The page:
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The Microsociology of Creativity and Creative Work

Published on Nov 5, 2019in Social Psychology Quarterly1.75
路 DOI :10.1177/0190272519881629
Ugo Corte5
Estimated H-index: 5
,
John N. Parker17
Estimated H-index: 17
,
Gary Alan Fine43
Estimated H-index: 43
Abstract
  • References (15)
  • Citations (0)
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References15
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#1Myra Bosman (UvA: University of Amsterdam)
#2Rachel Spronk (UvA: University of Amsterdam)H-Index: 8
Last. Giselinde Kuipers (UvA: University of Amsterdam)H-Index: 17
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Embodied experiences are strongly felt, but hard to communicate or verbalize. This article examines people鈥檚 articulation and sense-making of their sexual sensations, during interviews, to gain insight into what we refer to as a 鈥減erceptual loop鈥 between embodied sensations, body-sensorial knowledge, and social meanings. We employ a combination of interactionist and practice theory to study sex as an embodied practice that unfolds in interactions. We analyze this using in-depth interviews with 3...
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Gatekeeping appears central to creative industries. To better understand gatekeeping, this article introduces a distinction between discovering and justifying the selection of cultural goods. Most ...
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#1John N. Parker (ASU: Arizona State University)H-Index: 17
#2Edgar Cardenas (UM: University of Michigan)H-Index: 1
Last. Edward J. Hackett (Brandeis University)H-Index: 22
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New technologies transform research specialties and potentiate new fields. Sociometers鈥攚earable electronic sensors collecting quantitative, dynamic data about embodied social interactions at hyperfine scales鈥攔epresent such a possibility for small group research. This article introduces this new method and its distinctive qualities and affordances. Next, we relate its potential for advancing understanding of three types of small group phenomena: (1) rhythmic entrainment, emotional energy, and sol...
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#1Gary Alan FineH-Index: 1
2 CitationsSource
#1John N. Parker (ASU: Arizona State University)H-Index: 17
#2Ugo Corte (Uppsala University)H-Index: 5
Collaborative circles theory explains how innovative small groups develop and win acceptance of their creative work but assumes a single type of circle and would benefit from considering how circle ...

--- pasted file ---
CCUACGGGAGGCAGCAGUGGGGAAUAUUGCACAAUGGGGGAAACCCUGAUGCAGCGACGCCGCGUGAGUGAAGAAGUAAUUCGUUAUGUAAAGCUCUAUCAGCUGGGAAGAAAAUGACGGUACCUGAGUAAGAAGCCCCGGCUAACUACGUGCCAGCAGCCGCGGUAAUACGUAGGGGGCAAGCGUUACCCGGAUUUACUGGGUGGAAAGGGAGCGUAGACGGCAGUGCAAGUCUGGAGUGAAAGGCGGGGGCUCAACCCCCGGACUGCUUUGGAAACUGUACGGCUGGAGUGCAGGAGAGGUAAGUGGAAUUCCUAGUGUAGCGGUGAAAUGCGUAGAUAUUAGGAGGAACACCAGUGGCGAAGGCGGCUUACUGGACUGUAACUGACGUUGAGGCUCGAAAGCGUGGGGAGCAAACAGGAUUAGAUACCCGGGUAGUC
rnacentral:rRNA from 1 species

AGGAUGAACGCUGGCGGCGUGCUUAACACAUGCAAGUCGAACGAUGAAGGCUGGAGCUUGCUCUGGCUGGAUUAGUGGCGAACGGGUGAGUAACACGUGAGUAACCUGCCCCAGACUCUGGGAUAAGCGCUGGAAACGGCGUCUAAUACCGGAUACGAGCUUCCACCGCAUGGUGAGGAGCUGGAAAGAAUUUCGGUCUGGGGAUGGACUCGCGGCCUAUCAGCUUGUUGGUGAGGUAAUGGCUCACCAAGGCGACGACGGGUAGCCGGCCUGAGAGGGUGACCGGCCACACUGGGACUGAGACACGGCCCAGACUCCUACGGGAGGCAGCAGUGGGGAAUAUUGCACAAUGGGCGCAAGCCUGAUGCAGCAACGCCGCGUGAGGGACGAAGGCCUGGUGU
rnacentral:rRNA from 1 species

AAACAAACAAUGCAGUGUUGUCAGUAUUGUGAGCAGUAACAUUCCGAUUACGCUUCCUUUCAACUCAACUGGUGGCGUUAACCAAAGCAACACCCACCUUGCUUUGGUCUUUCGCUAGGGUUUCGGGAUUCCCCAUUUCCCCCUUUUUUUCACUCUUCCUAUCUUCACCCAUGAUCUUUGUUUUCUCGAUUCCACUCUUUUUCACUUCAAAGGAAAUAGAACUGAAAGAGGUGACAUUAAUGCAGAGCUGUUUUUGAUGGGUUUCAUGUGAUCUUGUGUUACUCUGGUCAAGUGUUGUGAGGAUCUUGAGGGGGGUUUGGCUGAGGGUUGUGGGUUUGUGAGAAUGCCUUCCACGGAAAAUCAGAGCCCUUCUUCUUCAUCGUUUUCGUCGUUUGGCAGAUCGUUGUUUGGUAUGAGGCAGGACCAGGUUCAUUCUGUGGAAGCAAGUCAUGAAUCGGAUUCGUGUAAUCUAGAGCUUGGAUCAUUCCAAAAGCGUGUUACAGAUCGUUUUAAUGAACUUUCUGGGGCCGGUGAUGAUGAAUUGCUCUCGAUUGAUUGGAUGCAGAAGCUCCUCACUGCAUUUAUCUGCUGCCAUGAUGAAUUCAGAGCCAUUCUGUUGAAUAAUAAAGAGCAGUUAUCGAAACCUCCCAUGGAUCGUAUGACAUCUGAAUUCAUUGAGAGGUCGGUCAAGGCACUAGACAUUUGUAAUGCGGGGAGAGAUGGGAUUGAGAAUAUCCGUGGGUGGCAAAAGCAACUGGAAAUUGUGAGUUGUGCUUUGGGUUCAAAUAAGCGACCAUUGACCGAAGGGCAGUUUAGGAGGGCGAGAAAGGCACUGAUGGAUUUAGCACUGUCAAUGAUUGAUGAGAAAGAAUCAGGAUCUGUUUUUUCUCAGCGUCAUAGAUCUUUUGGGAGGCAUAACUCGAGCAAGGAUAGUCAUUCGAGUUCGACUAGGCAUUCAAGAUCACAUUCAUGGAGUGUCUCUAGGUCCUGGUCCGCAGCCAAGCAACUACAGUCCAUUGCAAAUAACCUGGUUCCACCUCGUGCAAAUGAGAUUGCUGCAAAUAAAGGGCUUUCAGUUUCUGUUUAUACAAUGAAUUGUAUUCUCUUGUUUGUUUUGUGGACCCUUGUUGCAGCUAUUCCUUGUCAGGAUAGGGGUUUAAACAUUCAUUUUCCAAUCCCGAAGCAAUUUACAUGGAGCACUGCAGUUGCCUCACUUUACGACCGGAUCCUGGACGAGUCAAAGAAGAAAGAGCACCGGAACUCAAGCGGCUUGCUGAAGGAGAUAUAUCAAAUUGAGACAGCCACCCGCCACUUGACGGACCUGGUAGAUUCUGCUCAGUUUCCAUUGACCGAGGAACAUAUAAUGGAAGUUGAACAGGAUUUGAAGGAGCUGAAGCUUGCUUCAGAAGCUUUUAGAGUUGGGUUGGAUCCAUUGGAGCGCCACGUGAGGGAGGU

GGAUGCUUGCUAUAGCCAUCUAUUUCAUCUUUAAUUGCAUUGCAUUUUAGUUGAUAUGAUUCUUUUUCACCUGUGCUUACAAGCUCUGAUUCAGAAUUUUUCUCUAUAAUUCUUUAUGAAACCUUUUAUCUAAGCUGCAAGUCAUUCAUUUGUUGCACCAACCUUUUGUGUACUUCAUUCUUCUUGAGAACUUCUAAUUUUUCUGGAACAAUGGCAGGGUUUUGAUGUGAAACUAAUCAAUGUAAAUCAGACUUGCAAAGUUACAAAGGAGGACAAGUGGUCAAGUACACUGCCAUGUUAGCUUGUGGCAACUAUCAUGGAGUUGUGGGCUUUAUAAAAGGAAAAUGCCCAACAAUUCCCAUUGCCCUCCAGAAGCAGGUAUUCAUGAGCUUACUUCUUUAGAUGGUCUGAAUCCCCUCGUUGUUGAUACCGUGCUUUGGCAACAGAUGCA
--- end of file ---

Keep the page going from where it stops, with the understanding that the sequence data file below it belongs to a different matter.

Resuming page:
6 CitationsSource
#1Gary Alan Fine (NU: Northwestern University)H-Index: 43
#2Ugo Corte (Uppsala University)H-Index: 5
As a consequence of their size and fragility, small groups depend on cohesion. Central to group continuation are occasions of collective hedonic satisfaction that encourage attachment. These times are popularly labeled fun. While groupness can be the cause of fun, we emphasize the effects of fun, as understood by participants. Shared enjoyment, located in temporal and spatial affordances, creates conditions for communal identification. Such moments serve as commitment devices, building affiliati...
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#1Tom R. Burns (Uppsala University)H-Index: 29
#2Nora MachadoH-Index: 4
Last. Ugo Corte (Uppsala University)H-Index: 5
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Creativity is a universal activity, essential in an evolutionary perspective, to adaptation and sustainability. This first part of a three part article on the sociology of creativity has three purposes: (1) to develop the argument that key factors in creative activity are socially based and developed; hence, sociology can contribute significantly to understanding and explaining human creativity; (2) to present a sociological systems approach which enables us to link in a systematic and coherent ...
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#1Albert M. Mu帽iz (DePaul University)H-Index: 9
#2Toby Norris (Assumption College)H-Index: 1
Last. Gary Alan Fine (NU: Northwestern University)H-Index: 43
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Purpose 鈥 In recent years, scholars have begun suggesting that marketing can learn a lot from art and art history. This paper aims to build on that work by developing the proposition that successful artists are powerful brands. Design/methodology/approach 鈥 Using archival data and biographies, this paper explores the branding acumen of Pablo Picasso. Findings 鈥 Picasso maneuvered with consummate skill to assure his position in the art world. By mid-career, he had established his brand so success...
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Jazz was born on the streets, grew up in clubs, and will die-so some fear-at the university. Facing dwindling commercial demand and the gradual disappearance of venues, many aspiring jazz musicians today learn their craft, and find their careers, in one of the many academic programs that now offer jazz degrees. School for Cool is their story. Going inside the halls of two of the most prestigious jazz schools around-at the Berklee School of Music in Boston and the New School in New York - Eitan Y...
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Farrell鈥檚 (2001) theory of collaborative circles provides a useful frame for analyzing the interpersonal dynamics that enable creative collaboration in small groups, but it leaves contextual factors of collaboration undertheorized. Using ethnographic data on freestyle BMXers in Greenville, North Carolina, this article demonstrates how resource mobilization theory鈥檚 conception of resources can specify the enabling and constraining aspects of a circle鈥檚 environment in a theoretically satisfying wa...
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